Review by Choice Review
This collection of essays by Mayhew (Yale Univ.) presents the scholar's view of how US politics works. Mayhew examines the role of political parties in the development of public policy through fourteen essays. All but one of the essays were published previously; thus, this collection is useful in pulling together much of Mayhew's thinking on the utility of US political parties. Included are essays on the vanishing marginal districts in congressional elections, as well as essays on the electoral incentives of members of Congress. Mayhew also considers divided party government and how it affects policy making in US government. The author expands on V. O. Key's work and also presents several essays comparing the US system with those of other countries. The chronological presentation of the essays provides a look at the development of Mayhew's theorizing and learning about US politics. A strong introduction, in which Mayhew presents his reasoning processes, leads off the volume. Students of US politics and the legislative process will benefit from this book, as will readers interested in understanding a small part of the history of political science. Summing Up: Recommended. Upper-division undergraduate, graduate, and research collections. J. D. Rausch West Texas A&M University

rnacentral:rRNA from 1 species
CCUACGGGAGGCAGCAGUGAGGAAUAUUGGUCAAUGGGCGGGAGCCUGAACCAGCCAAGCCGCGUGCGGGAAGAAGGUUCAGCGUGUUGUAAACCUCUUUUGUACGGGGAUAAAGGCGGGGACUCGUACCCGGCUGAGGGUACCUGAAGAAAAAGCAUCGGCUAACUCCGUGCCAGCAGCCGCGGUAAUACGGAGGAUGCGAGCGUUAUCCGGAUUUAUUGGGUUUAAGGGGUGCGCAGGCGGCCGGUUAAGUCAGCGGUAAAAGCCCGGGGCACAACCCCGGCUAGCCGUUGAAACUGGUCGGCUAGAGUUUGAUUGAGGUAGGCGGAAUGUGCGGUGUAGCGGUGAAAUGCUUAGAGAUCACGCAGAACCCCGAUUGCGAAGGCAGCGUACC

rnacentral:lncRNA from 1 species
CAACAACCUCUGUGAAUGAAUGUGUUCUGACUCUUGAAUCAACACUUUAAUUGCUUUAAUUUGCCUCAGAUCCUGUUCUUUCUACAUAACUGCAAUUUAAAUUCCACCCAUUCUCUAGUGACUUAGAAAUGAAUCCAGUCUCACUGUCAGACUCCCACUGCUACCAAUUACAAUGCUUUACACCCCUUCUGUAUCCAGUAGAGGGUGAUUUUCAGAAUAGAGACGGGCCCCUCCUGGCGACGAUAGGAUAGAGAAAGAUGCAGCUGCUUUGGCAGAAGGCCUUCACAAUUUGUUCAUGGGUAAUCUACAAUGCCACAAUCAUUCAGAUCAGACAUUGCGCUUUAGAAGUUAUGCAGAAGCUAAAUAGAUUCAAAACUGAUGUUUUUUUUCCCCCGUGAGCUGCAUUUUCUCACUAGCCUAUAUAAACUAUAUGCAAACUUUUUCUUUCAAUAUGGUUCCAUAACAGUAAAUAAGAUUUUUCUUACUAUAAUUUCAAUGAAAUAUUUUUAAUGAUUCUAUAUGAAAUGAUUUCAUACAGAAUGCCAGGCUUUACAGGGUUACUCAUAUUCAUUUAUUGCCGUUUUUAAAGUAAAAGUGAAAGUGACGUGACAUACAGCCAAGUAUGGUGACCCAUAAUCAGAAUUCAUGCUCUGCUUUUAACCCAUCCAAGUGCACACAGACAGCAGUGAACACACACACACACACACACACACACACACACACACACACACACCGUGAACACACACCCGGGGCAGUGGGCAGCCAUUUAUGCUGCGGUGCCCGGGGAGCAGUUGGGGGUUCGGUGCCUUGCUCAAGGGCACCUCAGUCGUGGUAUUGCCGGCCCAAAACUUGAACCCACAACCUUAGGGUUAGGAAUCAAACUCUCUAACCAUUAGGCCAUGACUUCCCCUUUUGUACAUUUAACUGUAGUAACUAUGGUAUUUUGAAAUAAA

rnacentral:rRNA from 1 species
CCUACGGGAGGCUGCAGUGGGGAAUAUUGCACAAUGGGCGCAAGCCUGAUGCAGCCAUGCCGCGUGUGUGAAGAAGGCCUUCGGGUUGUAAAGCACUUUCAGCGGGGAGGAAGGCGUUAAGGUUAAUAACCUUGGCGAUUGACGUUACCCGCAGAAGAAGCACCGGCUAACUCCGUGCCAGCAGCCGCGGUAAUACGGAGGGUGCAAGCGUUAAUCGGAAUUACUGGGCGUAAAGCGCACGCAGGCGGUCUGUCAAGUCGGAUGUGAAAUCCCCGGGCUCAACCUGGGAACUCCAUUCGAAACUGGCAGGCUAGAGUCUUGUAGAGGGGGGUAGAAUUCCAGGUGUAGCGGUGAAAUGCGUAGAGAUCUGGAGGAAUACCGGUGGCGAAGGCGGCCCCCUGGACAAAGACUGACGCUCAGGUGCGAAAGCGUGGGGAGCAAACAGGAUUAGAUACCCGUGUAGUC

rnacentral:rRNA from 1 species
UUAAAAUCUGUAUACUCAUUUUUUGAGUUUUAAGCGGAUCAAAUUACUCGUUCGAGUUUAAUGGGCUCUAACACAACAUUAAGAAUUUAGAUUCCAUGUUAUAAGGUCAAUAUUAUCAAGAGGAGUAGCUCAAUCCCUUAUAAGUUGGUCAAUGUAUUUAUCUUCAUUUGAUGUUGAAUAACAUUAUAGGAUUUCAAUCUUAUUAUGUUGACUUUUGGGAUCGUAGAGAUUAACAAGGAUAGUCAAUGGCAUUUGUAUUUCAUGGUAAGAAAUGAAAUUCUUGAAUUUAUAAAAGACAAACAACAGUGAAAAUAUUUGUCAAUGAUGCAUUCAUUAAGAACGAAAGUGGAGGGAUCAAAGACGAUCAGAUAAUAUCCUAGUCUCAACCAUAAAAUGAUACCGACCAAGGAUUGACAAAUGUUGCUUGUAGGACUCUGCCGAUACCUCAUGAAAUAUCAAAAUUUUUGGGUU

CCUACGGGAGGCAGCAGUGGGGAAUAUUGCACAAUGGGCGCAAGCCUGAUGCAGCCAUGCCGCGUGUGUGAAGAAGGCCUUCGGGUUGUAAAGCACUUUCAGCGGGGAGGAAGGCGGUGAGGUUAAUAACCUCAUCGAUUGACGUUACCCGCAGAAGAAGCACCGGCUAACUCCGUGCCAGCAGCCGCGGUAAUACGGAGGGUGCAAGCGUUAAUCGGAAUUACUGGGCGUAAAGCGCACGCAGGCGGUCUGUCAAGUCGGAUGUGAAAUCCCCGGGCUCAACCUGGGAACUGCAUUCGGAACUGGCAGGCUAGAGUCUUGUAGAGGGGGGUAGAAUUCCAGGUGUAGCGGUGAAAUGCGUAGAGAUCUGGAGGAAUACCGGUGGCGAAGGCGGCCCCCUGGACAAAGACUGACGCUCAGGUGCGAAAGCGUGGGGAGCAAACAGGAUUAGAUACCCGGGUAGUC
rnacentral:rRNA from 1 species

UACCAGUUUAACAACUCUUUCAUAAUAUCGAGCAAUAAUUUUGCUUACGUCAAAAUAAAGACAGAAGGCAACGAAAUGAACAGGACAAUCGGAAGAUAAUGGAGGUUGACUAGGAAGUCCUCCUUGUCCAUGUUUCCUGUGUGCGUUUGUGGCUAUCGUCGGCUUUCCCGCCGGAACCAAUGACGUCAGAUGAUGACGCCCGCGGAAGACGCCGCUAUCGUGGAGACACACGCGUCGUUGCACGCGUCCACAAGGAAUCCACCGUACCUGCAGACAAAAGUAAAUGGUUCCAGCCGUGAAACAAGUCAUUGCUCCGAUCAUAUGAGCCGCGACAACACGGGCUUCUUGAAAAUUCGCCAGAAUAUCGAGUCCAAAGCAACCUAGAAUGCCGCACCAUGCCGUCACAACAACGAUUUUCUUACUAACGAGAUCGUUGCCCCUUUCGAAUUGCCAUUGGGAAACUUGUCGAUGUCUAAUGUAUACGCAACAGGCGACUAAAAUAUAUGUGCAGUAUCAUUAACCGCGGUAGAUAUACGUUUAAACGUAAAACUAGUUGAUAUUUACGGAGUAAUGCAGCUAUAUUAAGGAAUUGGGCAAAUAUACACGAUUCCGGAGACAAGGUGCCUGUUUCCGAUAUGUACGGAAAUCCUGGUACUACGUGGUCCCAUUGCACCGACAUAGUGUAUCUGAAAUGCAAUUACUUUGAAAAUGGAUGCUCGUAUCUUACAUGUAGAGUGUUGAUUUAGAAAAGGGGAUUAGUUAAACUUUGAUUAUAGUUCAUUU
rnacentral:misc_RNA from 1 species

Copyright American Library Association, used with permission.